Tag Archives: ambient noise

The Fragility of Intentional Sound

We pass our days in a constant circus of external noise.  And we are often not even fully conscious of it’s effects.

Sound produced by a person is as fragile as a feather.  As a slight disturbance of air pressure it exists only in the moment, decaying almost instantly.  And at normal levels it is often no match for the environmental noise we accept as the price of living in hives of activity.  Humans produce sound as speech over a frequency range of roughly 100 to 5000 cycles per second.  That’s a fairly narrow range in comparison to what the ear is capable of sensing.  Moreover, the relative volume of our speech is modest. We need to be in a modest-sized room and in good voice to generate sufficient loudness to be easily heard, somewhere in the neighborhood of perhaps 60 decibels (db).  But this measure of sound pressure increases logarithmically, so that continuous exposure to noise above 95 db is sufficiently risky to be recognized as a workplace hazard by OSHA.

Our ability to be the primary source of another’s attention is easily swamped   by a passing ambulance with its siren on (about 110 db), the shrieks of a child on a bus or a railway coach (95 db), or even the nearly constant drone of background music or others talking in the same general area (perhaps 40 db).

Most of the background sound in our lives is this kind of noise. Unless we are in the unlikely space of a anechoic chamber that is built as a lab to exclude most sound (and where the only sound heard would be our own heart pumping), we pass our days in a constant circus of external noise.  We are often not conscious of it.  Indeed, our brain is pretty good at tuning it out.  Awake quickly from a deep sleep, and you can actually hear the ambient noise of a room quickly being “turned on” by the brain.

But here’s the challenge.  We use our voices to do a lot of important work.  We need to be heard often and clearly. Sometimes our livelihood depends on it (as in teaching, face to face sales, conducting meetings and interviews, and so on.  At other times the din of constant noise destroys the chances for making an impression, or for a family to function as a family. The requirement to compete with other “convenience” devices in our lives—dishwashers, televisions, air conditioning, another’s constant chatter—can leave us exhausted.  Nothing is more fragile than the attention of another person.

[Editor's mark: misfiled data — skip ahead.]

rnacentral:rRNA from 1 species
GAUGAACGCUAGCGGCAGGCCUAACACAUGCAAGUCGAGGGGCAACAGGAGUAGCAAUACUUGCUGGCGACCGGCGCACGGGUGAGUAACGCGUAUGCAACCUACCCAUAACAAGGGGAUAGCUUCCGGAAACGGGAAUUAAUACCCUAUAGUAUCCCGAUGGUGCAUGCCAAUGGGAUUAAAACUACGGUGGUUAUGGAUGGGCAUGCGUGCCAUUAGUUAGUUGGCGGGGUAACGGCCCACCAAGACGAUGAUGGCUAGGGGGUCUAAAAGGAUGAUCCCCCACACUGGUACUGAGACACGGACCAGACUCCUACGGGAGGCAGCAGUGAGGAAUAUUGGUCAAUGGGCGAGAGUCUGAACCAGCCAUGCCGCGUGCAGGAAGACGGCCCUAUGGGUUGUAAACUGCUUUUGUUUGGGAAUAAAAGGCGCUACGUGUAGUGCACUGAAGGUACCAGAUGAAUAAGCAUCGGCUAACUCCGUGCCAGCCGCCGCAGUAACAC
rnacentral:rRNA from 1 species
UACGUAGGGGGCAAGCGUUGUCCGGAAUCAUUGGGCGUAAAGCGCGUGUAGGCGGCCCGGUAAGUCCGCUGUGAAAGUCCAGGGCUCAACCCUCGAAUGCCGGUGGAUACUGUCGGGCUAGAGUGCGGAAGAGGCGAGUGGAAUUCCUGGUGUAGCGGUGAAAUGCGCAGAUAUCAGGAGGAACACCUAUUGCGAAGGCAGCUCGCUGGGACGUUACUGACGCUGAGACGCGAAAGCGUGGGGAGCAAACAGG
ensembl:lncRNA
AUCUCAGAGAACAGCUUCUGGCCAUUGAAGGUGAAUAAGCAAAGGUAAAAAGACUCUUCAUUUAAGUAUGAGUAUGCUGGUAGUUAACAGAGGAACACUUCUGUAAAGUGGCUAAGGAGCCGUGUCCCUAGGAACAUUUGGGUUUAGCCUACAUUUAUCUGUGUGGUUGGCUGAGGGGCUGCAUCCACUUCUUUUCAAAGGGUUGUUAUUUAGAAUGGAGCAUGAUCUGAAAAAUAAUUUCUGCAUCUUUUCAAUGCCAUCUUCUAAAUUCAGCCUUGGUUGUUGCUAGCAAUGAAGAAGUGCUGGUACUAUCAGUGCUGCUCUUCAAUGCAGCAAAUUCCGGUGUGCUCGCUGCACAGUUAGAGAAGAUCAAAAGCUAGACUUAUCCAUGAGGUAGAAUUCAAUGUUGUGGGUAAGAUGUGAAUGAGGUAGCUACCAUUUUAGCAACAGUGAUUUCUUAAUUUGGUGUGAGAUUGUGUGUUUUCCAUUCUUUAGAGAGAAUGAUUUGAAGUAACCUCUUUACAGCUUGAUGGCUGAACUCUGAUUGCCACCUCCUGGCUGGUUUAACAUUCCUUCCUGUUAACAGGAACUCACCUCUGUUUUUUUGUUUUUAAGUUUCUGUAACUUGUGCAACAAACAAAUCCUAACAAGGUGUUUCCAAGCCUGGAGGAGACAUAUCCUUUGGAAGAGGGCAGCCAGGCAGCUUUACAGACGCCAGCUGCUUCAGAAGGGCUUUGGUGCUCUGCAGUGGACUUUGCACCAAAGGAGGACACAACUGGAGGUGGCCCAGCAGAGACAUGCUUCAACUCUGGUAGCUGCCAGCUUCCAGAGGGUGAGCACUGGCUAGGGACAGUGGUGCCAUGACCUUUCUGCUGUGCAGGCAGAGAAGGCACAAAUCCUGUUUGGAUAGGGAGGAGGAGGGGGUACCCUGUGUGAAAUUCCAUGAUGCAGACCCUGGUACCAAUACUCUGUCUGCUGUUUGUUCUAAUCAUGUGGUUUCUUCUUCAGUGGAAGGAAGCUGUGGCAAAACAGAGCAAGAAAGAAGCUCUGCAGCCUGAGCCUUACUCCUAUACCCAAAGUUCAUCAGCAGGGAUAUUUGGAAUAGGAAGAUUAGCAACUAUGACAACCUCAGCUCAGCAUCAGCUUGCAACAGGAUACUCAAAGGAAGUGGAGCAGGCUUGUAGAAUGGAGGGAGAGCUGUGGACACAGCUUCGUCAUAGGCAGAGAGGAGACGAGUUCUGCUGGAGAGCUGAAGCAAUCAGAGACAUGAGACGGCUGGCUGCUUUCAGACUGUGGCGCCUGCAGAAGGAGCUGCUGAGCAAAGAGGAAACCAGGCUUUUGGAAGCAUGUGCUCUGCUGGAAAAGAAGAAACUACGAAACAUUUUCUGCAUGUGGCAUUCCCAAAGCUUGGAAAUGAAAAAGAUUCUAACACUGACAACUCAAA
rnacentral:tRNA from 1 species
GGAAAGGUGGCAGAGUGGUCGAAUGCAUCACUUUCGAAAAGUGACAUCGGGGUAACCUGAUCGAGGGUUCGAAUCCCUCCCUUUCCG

The most common source of this fatigue is “white noise:” a collection of different frequencies thrown together in the environment.  White noise acts as a sponge soaking up whatever else is existing in the same space.  And because it does not necessarily seem loud to us, we overlook the fact that it is blocking our ability to connect with others.

The ambient sounds in your life will often be more subtle, but still disruptive of the ability to easily dominate another’s attention.  The major culprits: air handling systems in buildings, others talking at the same time, transportation traffic on the ground or in the air, even wind filtering around buildings and other natural objects.

While some sources of disruptive ambient noise can’t be stopped, a savvy communicator seeking the ideal environment for reaching others will do what they can to minimize it.  Shutting doors and windows can help. Turning off air conditioners is sometimes possible (and a common decision in location filming when the crew trying to record location sound realizes the problem).  It also makes sense to ask others in the same space to carry their conversations outside.

We use public address systems to increase the loudness of a voice.  But the better solution with a smaller group is to seek out a small room, or at least to arrange seating so that each person is just a few feet from others in the group.  Part of being successful as a communicator thus means also being at least an amateur acoustician.

 

Paying for the Quiet